# Introductory Momentum Equations, Definition Basic definition:

Momentum is equal to mass times velocity. It is symbolized with a small p. Mass is symbolized with a small m, velocity with a small v.

 Momentum equals mass times velocity. Here is an example calculation. Notice that the unit for momentum is kg-m/s. Line 1: Definition of momentum. Line 2: Enter example values for mass and velocity. Line 3: Calculate the resultant momentum.

So an object with a mass of 3.0 kg that is traveling at a velocity of 4.0 m/s has a momentum of 12 kg-m/s.

Momentum is a vector. The size of this vector is equal to the value of the mass times the velocity. This size of the momentum is 12 kg-m/s in the above example. The direction of the momentum vector is the same as the direction of the velocity.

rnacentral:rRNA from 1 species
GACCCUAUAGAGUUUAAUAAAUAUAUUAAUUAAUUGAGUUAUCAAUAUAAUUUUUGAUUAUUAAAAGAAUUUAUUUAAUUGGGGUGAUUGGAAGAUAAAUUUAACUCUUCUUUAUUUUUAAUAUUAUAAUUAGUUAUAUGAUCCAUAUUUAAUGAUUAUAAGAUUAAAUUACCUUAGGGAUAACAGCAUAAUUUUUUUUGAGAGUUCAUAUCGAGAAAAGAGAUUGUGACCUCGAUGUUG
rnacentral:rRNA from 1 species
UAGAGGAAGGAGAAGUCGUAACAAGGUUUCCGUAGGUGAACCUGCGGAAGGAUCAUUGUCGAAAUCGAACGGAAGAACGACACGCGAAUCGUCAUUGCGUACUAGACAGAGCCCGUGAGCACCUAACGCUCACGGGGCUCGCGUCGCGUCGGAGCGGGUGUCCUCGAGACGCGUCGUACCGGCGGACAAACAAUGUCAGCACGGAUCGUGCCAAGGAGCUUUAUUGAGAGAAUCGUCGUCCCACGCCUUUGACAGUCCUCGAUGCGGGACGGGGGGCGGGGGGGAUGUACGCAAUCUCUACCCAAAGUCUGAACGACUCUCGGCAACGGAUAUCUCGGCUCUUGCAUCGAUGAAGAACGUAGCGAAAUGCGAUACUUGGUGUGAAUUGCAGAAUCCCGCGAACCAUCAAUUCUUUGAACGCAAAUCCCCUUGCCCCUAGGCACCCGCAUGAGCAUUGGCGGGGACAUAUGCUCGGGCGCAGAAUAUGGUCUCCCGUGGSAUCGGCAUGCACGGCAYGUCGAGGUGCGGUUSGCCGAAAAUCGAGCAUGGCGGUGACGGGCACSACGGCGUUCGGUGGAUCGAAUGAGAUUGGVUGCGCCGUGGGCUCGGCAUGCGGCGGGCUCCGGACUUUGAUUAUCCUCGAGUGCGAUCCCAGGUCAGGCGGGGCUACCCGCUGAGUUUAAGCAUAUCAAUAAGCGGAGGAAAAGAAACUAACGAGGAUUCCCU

We can use algebra to rearrange the momentum equation. First we have:

p = mv (Momentum equals mass times velocity.)

Which rearranges to these equations:

m = p/v (Mass equals momentum divided by velocity.)

v = p/m (Velocity equals momentum divided by mass.)

Here are some small EZ Spread Sheets that calculate with the above momentum formulas:

p = mv

m = p/v

v = p/m

Check your understanding by trying some of these problems:

Related Problems
   

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